Friday, December 13, 2013
Los Angeles (December 13, 2013) – University of San Diego (USD) School of Law Price Professor of Public Interest Law and Children's Advocacy Institute Executive Director Robert Fellmeth was quoted in a Los Angeles Times article reporting on this week's California Appeals Court ruling that indicated the court is prepared to overturn a Los Angeles County Superior Court judge's decision to open juvenile dependency court hearings to the press.
In January, Judge Michael Nash, presiding judge of Los Angeles County Juvenile Court, issued a decree that dependency hearings, which had been presumptively closed, were now presumptively open to the press.
Advocates of greater transparency in the child welfare system have argued that allowing more access to dependency courts would improve the public's sense of how that system works when government workers remove children from their homes and place them in foster care. USD School of Law's Child Advocacy Institute filed an amicus brief asking the court to keep the hearings open.
"We fully agree that there are many instances where it's appropriate to have confidentiality and protect vulnerable children from exposure. Nash's order allowed that, liberally," said Fellmeth "What we oppose, is the draconian cloak of secrecy that conceals this profound exercise in state parenting."
If the appeals court makes a final decision to overturn Nash's order, Fellmeth said the Childrena's Advocacy Institute will lobby for a change in the law.
Read the full article on LATimes.com.
About Professor Fellmeth
Robert Fellmeth is the Price Professor of Public Interest Law at the University of San Diego School of Law, where he teaches and writes in the areas of children's rights, regulation, antitrust, and consumer law. Fellmeth is also the executive director of both USD’s Center for Public Interest Law and Children's Advocacy Institute.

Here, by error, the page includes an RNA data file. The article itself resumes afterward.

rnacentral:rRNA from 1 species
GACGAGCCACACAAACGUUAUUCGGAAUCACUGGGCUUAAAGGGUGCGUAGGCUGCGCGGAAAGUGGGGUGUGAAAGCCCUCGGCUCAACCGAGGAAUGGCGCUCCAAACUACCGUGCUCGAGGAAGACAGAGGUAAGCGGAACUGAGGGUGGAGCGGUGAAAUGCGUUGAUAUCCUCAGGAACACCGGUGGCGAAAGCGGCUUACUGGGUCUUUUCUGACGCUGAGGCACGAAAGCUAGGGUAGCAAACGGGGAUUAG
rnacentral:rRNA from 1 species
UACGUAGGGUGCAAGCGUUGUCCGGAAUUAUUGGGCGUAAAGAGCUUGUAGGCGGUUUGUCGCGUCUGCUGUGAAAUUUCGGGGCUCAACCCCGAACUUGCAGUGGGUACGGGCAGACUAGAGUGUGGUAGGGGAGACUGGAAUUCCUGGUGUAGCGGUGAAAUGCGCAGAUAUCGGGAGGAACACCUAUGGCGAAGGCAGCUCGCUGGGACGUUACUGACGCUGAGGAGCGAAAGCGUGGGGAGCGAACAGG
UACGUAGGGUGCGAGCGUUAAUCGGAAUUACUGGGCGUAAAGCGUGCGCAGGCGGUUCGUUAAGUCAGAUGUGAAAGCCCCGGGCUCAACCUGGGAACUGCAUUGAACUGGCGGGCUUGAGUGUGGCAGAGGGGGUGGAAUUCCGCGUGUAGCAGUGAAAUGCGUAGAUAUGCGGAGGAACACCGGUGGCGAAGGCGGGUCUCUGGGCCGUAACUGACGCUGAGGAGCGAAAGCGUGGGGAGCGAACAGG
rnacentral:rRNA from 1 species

About the University of San Diego School of Law
Recognized for the excellence of its faculty, curriculum and clinical programs, the University of San Diego (USD) School of Law enrolls approximately 900 Juris Doctor and graduate law students from throughout the United States and around the world. The law school is best known for its offerings in the areas of business and corporate law, constitutional law, intellectual property, international and comparative law, public interest law, and taxation.
USD School of Law is one of the 81 law schools elected to the Order of the Coif, a national honor society for law school graduates. The law school’s faculty is a strong group of outstanding scholars and teachers with national and international reputations and currently ranks 23rd worldwide in all-time faculty downloads on the Social Sciences Research Network (SSRN). The school is accredited by the American Bar Association and is a member of the Association of American Law Schools. Founded in 1954, the law school is part of the University of San Diego, a private, nonprofit, independent, Roman Catholic university chartered in 1949.